Academic journal article SKASE Journal of Theoretical Linguistics

On Verbocentric Nominal Compounds Denoting Humans in Bulgarian

Academic journal article SKASE Journal of Theoretical Linguistics

On Verbocentric Nominal Compounds Denoting Humans in Bulgarian

Article excerpt

1 Introduction

Compounding is undoubtedly one of the most extensively debated topics in the word-formation literature for the reason that it appears to be the most prevalent word formation process both across languages and over time. Despite this, "there is still a long way to go in order to fully understand compounding structures and their distribution in world's languages" (Guevara and Scalise 2009: 122). Making a small step in this direction, in the current paper, nominal verbocentric compounds denoting humans in Bulgarian are discussed.

As the formation of words is in its essence a cognitive phenomenon, research on various types and processes of lexical creation is by necessity based on cognitive principles. This makes natural the choice of cognitive linguistic accounts of word-formation and construction morphology as the model of grammar best suited to provide unified generalizations on verbocentric compounds grounded in theories of metonymy and metaphor. Naturally, metaphor and metonymy in relation to compounds have been studied extensively within the scope of Cognitive Linguistics investigations. Yet, the ultimate goal of the proposed semanticization of word-formation research under the aegis of Cognitive Linguistics, "to provide more comprehensive and consistent descriptions of individual word-formation phenomena" (Ungerer 2007: 651) has not been fully accomplished, especially for not widely studied languages (such as Bulgarian). Congruent with this desideratum is the report on ongoing research presented here on a group of compounds in Bulgarian. In conformity with Langacker's dictum that linguistic structure, made up of "conventional imagery", must be distinguished from a universal conceptual structure and that "meaning is language-specific to a considerable extent. It is this imagery that has to be described, not the presumably universal cognitive representations that these conventional images construe" (Langacker 1987: 47), the analysis of verbocentric Bulgarian compounds is focused on the role and nature of metonymy and metaphor.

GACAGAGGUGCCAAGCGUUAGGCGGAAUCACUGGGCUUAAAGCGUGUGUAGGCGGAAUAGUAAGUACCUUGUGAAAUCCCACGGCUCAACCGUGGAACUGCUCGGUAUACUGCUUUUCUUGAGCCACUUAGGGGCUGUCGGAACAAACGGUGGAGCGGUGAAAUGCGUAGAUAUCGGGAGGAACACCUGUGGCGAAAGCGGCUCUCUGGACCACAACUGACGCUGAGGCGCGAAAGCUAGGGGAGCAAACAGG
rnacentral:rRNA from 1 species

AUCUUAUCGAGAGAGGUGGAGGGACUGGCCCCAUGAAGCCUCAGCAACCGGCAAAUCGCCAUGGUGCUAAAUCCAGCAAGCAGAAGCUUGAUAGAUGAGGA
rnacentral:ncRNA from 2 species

To achieve its goals the paper is organized as follows: in part one the data set is delineated with a necessarily short concomitant discussion of the terminological confusion characteristic of the area under study, in part two the specific analytical tools adopted and their corresponding frameworks are briefly presented, in part three morphotactic analysis of the data set is offered, part four follows with a morphosemantic analysis and in part five all loose threads are united in a set of summative conclusions.

2 The data set

2.1 What the data set comprises

The arguments developed below are based on the analysis of two hundred and fifty-five verbocentric compounds denoting humans in Bulgarian. Two hundred of these follow the word formation pattern (26) X V+/-suff and fifty-five the pattern V N. All of these compounds actualize the following word formation types (27) based on Kastovsky's classification: 1) 'person characterised by performing some activity': [TEXT NOT REPRODUCIBLE IN ASCII] [razvejprah, 'scatter-dust', idler]; [TEXT NOT REPRODUCIBLE IN ASCII] [razturikoliba, 'tear-down-hut', adulterer]; [TEXT NOT REPRODUCIBLE IN ASCII] [zagoritendzere, burn-pan, a person with no sense of time]; etc. and 2) 'a person characterised by performing some activity': [TEXT NOT REPRODUCIBLE IN ASCII] [glasopodavatel, 'voice-giver', voter]; [TEXT NOT REPRODUCIBLE IN ASCII] [grobokopac, 'grave-dig-er', grave digger]; [TEXT NOT REPRODUCIBLE IN ASCII] [danakoplatec, 'tax-pay-er', tax payer]; [TEXT NOT REPRODUCIBLE IN ASCII] [zivotnovad, 'animal-breed', animal breeder]; [TEXT NOT REPRODUCIBLE IN ASCII] [ezikoved, 'language-lead', linguist]; etc. The types may seem tautological at first glance, but the first class denotes humans characterized by particular behaviour traits, foibles and propensities, while the second class denotes agents (including occupations and professions). …

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